A lot of people know Dan Haley who never knew him.
I have been coaching kids in one sport or another for most of my adult life. Somewhere out there are hundreds of kids – many of whom aren’t kids any more – who have learned football, basketball, baseball or softball from me.
I like to think they’ve learned something about life as well. If they did it came from a deep well, drilled and tended in large part by Coach Haley.
I was very lucky as a young man. I was a jock, and had the good fortune to have been coached by some fine men. Coach Haley was the head football coach at Paducah Tilghman, my high school. He was as good a man as I ever knew.
Now history will tell you that Coach Haley won two Kentucky state championships during his time at Tilghman. It lists his 253-79-3 record and his inclusion in the Kentucky High School Athletic Association Hall of Fame in 2007.
And that was Coach Haley.
But there was so much more.
At Tilghman football players had a curfew of 9:25 p.m. It wasn’t 9:30. It wasn’t 9:26. It was 9:25. Somehow we knew that Coach Haley would know if you got inside at 9:26 instead of 9:25.
It taught me to be punctual. It taught me that if practice – or a meeting, or a date, or anything else – starts at 5 p.m. you arrive at 4:45. It is respectful of other people. Of the team. Of the coach. Of yourself.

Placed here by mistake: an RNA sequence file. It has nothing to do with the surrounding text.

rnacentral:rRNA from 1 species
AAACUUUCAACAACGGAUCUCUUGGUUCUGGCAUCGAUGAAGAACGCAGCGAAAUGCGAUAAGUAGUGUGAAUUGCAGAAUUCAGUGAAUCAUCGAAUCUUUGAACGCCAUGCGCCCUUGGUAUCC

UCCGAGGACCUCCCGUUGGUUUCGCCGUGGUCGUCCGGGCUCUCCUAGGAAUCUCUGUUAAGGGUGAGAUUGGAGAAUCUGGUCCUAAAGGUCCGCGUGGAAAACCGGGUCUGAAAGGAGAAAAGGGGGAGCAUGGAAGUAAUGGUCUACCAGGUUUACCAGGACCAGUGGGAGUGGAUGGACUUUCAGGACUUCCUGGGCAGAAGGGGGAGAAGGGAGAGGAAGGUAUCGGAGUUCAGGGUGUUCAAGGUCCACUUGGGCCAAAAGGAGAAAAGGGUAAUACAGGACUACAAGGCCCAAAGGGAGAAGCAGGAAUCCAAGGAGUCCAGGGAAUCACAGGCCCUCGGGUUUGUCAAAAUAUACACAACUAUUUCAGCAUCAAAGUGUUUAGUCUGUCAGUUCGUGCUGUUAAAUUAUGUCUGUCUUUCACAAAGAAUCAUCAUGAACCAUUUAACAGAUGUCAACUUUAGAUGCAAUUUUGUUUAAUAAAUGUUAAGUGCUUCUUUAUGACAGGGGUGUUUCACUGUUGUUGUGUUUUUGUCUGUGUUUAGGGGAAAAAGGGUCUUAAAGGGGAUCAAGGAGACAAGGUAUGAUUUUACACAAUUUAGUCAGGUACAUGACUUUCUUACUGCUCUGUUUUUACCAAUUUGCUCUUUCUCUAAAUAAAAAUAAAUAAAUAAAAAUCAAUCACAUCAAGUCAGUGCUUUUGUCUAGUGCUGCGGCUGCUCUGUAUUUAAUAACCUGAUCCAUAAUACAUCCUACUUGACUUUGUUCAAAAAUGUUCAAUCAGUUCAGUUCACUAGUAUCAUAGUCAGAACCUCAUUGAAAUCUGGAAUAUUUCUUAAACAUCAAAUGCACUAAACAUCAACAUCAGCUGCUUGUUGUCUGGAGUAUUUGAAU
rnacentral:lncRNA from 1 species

Many of the stories so many kids have heard from me over the years are not mine – they’re Coach Haley’s. I’ll spare you the one about the nut-cutting.
The ‘Hark, I thought I heard a canon roar’ story is his. Hundreds of kids have heard it from me. It speaks of preparation, and of proper preparation. Here it is:
A boy got a small part in the school play. His single line was ‘Hark! thought I heard a canon roar’.
Everywhere the boy went he repeated the line. ‘Hark! I thought I heard a canon roar,” he would say to anyone who’d listen. ‘Hark! I thought I heard a canon roar.’ His friends, his teachers and his parents all got tired of hearing it.
But it was only one line. He skipped the dress rehearsal, because he knew his line.
Then came the night of the show. The boy was confident. He knew his line. He was ready.
His cue came and the boy strode confidently onto the stage. He gathered himself to deliver his line.
Suddenly, offstage there was a huge ‘BOOM!’
The boy said ‘What in the Hell was that?!’
That’s a Coach Haley story. Another one I made up, and I try to tell it to all young coaches before they begin their seasons.
‘Kids will call you ‘Coach’ and it will mean something. You will influence them. Twenty years from now some young stranger will walk up to you and he (or she) will call you ‘Coach’. You may or may not remember them, but they will remember you. They will tell you that what you taught them, what you said to them and showed them, changed their life. You do not know now which kid and you do not know when. You do not know what day, what statement, what lesson or moment they will remember. It is an honor to be called ‘Coach’. It is a privilege.’
Coach Dan Haley passed away this week. A great coach and a fine man gone at 73. His legacy lives on. In a 50-some year career Coach Haley touched thousands of lives. He made them better. A man can ask for no more.
So Coach, when you come before the Great Scorer stand proud. I and thousands like me are continuing your good work.
‘For when the One Great Scorer comes to write against your name, he marks not that you won or lost but how you played the game.’